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anonymous asked:

Is there ever really any real NEED to break a person's water artificially? If it doesn't break on it's own, the baby will just be born en caul, right?

You’re right!  There’s no medical need to break the water artificially.  Sometimes it might be decided that a baby isn’t tolerating labor very well and would be better off outside the womb, so some kind of labor-speeding agent needs to be used.  In the situation where breaking the water would actually help speed labor, it might be a better decision to use that rather than a medication like Pitocin, but in a healthy birth with no issues, there’s absolutely no reason to break the bag.

Some people say that babies born “en caul,” or still in the amniotic sac, will be prophets, but I like to think that they will be midwives.  Below the cut are photos of babies being born in the caul – NSFW-ish graphic photos of birth.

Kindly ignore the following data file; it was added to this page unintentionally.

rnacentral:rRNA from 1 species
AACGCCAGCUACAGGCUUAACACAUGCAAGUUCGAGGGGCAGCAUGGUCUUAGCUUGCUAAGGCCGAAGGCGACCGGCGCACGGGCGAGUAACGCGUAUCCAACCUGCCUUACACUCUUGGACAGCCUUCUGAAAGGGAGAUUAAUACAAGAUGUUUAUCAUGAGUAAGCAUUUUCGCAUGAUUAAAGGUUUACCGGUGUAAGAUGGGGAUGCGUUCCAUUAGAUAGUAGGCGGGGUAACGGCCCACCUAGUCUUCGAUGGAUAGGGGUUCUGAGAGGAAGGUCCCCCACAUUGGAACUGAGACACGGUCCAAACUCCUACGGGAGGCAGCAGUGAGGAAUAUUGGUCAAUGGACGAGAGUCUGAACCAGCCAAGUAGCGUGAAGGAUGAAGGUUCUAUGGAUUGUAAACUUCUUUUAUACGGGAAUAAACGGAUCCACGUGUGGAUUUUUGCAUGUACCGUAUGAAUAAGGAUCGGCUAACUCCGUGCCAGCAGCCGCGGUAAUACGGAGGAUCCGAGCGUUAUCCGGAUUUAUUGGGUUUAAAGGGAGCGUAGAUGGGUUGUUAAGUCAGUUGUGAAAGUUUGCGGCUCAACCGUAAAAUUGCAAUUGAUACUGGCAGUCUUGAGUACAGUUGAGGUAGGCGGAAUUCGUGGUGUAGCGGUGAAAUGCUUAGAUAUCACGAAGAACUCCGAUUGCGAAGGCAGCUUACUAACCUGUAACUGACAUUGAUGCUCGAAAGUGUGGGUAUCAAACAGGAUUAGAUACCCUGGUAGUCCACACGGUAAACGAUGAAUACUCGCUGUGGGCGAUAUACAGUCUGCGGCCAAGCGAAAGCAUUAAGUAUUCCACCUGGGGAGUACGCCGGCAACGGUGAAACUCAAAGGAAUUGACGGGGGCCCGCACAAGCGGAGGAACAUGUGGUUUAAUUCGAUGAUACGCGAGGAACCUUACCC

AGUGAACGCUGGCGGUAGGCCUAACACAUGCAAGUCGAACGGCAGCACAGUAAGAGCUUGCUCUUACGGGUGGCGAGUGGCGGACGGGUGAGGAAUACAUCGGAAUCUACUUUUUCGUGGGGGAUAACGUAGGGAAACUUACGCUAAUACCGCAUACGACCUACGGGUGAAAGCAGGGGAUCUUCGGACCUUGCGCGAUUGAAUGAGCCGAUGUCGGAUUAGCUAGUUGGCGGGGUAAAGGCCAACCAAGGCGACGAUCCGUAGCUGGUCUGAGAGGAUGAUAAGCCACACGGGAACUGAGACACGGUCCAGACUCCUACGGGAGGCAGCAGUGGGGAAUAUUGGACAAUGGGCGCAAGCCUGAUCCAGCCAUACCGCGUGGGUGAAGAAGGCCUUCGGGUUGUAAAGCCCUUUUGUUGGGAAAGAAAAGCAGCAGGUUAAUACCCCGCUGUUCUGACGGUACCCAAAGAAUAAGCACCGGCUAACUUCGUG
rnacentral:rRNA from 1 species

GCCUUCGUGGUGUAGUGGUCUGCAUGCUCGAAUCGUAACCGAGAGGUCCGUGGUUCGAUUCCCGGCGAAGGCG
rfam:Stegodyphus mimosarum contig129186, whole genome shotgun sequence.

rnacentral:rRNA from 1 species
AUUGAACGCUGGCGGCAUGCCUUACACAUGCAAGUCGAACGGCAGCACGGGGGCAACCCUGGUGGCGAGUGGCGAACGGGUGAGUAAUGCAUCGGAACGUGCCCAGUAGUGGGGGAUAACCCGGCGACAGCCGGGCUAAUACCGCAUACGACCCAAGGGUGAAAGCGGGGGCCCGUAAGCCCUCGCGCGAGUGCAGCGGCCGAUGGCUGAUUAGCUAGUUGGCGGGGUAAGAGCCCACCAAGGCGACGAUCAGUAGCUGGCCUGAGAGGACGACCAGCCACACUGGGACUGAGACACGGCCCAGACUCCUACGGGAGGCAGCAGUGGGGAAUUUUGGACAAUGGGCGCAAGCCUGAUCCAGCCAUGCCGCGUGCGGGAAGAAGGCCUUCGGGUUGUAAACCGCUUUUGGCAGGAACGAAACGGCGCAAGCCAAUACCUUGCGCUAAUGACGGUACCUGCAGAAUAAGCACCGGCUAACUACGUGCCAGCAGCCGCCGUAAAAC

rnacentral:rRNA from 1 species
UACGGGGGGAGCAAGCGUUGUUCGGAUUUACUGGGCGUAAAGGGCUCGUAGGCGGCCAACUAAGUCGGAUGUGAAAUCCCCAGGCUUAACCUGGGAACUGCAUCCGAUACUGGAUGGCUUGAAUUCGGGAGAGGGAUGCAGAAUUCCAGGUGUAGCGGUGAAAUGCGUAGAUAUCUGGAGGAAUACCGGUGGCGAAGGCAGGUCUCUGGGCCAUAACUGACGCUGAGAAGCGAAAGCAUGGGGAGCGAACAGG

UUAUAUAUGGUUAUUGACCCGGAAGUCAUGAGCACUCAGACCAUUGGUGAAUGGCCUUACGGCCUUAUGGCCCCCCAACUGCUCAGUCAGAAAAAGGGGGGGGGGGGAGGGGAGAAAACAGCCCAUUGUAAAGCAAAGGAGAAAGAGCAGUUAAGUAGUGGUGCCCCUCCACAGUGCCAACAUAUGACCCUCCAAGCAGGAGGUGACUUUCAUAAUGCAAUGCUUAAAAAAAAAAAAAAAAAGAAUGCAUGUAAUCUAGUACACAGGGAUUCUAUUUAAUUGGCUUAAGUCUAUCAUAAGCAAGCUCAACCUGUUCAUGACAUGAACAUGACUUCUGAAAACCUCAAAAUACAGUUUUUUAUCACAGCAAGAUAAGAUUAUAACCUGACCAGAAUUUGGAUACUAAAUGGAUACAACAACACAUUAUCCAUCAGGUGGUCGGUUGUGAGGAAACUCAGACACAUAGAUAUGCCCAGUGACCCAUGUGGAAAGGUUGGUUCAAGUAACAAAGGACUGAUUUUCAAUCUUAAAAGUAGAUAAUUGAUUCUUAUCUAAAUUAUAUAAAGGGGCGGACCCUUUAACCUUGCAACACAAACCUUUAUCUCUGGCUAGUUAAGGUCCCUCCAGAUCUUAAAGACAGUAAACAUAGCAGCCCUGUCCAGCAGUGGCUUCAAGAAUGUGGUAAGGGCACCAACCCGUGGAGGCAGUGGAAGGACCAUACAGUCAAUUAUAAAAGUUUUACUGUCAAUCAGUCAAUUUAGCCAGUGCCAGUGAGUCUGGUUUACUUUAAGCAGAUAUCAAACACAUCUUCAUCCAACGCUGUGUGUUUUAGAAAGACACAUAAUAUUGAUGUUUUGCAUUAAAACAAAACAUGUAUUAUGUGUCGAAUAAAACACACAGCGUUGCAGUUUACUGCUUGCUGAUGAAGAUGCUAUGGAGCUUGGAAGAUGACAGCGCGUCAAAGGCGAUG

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anonymous asked:

Do patients ever want to deliver standing up? Does this make it tricky for the midwife? Thanks!

Yes, people give birth standing up all the time!

It does make things a little harder for the midwife - I have certainly gotten a crick or two in my neck from trying to get underneath someone giving birth, but that’s kind of how midwives operate.  Since we support and respect normal physiologic birth, we don’t tell people to get in bed or on their backs just so that we can see better.

It can be a little wacky in the immediate aftermath - that is, getting everyone comfortable, making sure baby isn’t yanked too hard, making sure the new parent doesn’t slip and fall in amniotic fluid or blood, etc.

People give birth kneeling, on hands-and-knees, in a lunch position, in a squat, and in other upright positions all the time.  More graphic and not-graphic photos of birth below the cut.

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